Lawyers in Inverness and Highlands providing advice on all aspects of Power of Attorney and Guardianships.
Our local team of lawyers based in our Inverness office is experienced in dealing with all issues relating to power of attorney and guardianships. We're able to service you throughout the Highlands, including Thurso, Caithness, Moray, Nairn, Ross-shire, Skye, Stornoway, Sutherland and Orkney.
Why should you have a Power or Attorney? Many people assume that family members or their next-of-kin will be able to step in and help if they can no longer make decisions on their own. However, simply being a relation is not sufficient to allow someone to manage a loved one’s financial affairs. A power of attorney allows you to appoint someone you trust to act on your behalf if you become unable to manage your affairs. If someone has already lost capacity without a Power of Attorney being in place, a Guardianship order is necessary. In these circumstances, a court will decide on the most appropriate person to be appointed as Guardian to act in the best interests of the adult with incapacity.
We can help you decide which document is your best suited to your circumstances and, where it is necessary, to prepare for the court action. Please contact us on 01463 795019 to learn more or to book an appointment to meet with us in our Inverness or Thurso offices.
We offer you a variety of ways to get in contact with us to suit you. If you would prefer to talk to someone straight away you can call our offices on:
Otherwise use our form below to find out more information, make an appointment or request a call back. We will then find the right person to deal with your enquiry and get back to you as soon as possible.
Frequently asked questions about Power of Attorney
If you were to become incapacitated for any reason, such as through an accident or illness, or you are out of the country for an extended period of time, it would allow someone you have authorised to act on your behalf in financial or welfare matters, or both.
Accident and illness does not discriminate and can happen to anyone, at any time and at any age. If you are ill or in an accident, no one will automatically have the power to speak up or act for you if you do not have a Power of Attorney. This applies even to your spouse and family members and can cause stress and problems when dealing with doctors, banks and other financial institutions.
If you do not have a Power of Attorney and lose capacity, it could result in a timely and costly court action to appoint a Guardian. The choice of who looks after you and your affairs will be taken out of your hands and determined by the Court. In some circumstances, a Guardianship Order can cost up to 10 times the cost of a Power of Attorney.
You can appoint any number of people to be your Attorney. You can appoint a spouse, a family member, a friend, your solicitor, or anyone else you trust. It can be a combination of people. It is a good idea to have more than one Attorney, or at least have a substitute in case your first named Attorney cannot act for any reason. The important issue is that YOU choose them, unlike a Guardianship Order where the Court chooses who should look after your affairs. They may choose someone you would not want to act for you.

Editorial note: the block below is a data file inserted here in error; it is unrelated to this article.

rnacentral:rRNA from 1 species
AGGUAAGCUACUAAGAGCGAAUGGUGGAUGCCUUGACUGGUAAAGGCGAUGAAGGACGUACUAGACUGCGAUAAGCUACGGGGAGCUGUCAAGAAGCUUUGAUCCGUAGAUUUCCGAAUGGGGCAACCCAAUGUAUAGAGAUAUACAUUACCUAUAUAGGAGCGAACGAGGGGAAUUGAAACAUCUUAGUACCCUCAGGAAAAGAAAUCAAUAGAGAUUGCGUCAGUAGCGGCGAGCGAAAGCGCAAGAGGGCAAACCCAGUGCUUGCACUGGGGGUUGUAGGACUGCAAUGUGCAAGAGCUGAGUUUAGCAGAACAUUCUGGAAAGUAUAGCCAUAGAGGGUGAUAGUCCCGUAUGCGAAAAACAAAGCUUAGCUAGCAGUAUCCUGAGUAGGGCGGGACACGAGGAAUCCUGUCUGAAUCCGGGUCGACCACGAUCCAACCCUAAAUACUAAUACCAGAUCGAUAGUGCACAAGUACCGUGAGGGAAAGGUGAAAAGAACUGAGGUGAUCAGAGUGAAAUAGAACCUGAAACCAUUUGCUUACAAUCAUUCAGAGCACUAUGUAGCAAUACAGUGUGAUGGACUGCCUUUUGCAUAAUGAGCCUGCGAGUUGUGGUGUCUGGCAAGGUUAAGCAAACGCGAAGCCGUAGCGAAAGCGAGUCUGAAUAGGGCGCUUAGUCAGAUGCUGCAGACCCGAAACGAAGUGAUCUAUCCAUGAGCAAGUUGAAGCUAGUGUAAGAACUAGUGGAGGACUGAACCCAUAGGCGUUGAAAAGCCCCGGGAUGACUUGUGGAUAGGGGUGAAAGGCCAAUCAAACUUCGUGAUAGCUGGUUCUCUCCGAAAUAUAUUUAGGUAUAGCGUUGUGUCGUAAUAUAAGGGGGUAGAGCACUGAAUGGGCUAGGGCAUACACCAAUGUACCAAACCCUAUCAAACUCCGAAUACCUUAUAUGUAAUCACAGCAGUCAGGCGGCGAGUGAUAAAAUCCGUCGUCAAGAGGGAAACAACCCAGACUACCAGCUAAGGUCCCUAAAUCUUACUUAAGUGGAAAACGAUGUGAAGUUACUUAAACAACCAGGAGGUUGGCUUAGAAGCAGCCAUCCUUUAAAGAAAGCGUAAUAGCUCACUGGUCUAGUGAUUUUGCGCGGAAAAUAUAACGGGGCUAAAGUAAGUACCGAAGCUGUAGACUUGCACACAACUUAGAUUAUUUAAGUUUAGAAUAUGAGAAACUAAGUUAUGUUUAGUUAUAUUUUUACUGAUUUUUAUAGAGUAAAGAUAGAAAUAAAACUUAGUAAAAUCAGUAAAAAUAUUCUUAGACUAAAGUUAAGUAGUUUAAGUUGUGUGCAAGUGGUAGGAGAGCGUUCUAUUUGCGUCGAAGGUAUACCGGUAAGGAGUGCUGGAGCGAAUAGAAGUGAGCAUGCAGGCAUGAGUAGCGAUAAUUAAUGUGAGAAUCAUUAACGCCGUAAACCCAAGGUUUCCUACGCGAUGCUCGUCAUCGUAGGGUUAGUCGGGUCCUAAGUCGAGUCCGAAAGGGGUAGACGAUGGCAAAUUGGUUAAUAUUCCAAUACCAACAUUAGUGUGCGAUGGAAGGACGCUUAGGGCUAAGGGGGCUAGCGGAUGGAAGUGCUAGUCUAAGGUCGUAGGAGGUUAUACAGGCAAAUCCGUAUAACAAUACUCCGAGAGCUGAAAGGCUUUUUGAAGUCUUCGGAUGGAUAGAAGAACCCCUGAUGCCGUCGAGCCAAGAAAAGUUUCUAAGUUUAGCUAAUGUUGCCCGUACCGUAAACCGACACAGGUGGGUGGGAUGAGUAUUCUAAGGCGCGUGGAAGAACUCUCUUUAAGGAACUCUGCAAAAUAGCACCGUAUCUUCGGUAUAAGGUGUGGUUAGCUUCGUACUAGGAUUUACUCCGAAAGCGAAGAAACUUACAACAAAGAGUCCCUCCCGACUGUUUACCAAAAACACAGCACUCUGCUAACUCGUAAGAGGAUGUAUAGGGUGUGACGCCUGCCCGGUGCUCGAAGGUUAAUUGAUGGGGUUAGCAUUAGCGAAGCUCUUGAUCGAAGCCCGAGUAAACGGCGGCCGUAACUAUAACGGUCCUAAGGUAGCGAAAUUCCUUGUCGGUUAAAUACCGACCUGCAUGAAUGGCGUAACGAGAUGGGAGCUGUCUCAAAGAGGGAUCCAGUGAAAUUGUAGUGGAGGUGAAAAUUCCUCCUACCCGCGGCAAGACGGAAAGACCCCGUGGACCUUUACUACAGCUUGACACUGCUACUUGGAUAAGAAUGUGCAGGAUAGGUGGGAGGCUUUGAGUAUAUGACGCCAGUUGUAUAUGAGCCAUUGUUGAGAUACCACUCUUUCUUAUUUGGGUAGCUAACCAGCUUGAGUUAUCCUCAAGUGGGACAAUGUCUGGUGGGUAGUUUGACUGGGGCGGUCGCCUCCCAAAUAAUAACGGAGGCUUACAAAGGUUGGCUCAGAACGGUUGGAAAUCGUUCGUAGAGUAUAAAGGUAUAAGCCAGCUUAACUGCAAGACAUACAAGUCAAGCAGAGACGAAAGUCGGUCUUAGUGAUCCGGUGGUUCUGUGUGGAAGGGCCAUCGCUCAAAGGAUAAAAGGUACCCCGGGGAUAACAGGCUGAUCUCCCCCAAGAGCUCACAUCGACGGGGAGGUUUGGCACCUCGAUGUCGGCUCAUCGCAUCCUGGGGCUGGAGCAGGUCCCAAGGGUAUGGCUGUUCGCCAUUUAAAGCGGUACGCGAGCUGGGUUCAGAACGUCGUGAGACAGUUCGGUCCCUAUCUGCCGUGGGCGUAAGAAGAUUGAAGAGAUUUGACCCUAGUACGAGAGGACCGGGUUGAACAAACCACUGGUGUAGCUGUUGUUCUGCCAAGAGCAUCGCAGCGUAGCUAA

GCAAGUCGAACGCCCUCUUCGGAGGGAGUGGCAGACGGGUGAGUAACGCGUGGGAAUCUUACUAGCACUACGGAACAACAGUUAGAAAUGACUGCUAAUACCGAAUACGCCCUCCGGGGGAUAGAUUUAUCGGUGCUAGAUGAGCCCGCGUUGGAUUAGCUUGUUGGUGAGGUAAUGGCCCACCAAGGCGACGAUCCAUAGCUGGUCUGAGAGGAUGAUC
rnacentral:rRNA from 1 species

No. The Welfare Power of Attorney only comes into effect in the event that you lose the mental capacity to make decisions for yourself, and the Continuing (financial) Power of Attorney can only be used either on your authority or if you have lost capacity and cannot act on your own behalf.
A Power of Attorney can be changed or revoked at any time as long as you still have capacity.
A Power of Attorney can be drafted and be ready for use in a matter of days, as opposed to a Guardianship Order which can take up to a year to go through the court process. A Power of Attorney is also a fraction of the cost of appointing a Guardian.
The Brief Magazine: Inverness, Highlands
The Brief magazine is your guide to personal legal services at Harper Macleod. The magazine aims to keep you in touch with current legal issues that are important to you - the law seldom stays the same for long and we believe that it's important for everyone to be kept advised on the changes that can affect both you and your families.
You can view and download the current edition by clicking here.
We hope you find the magazine useful and informative, and please don't hesitate to get in touch with a member of our team should you have any issues you'd like to discuss further with us.
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Visit the HM Insights page to keep up to date with changes to legislation, case law, and our views on other interesting developments in Scotland and the UK.
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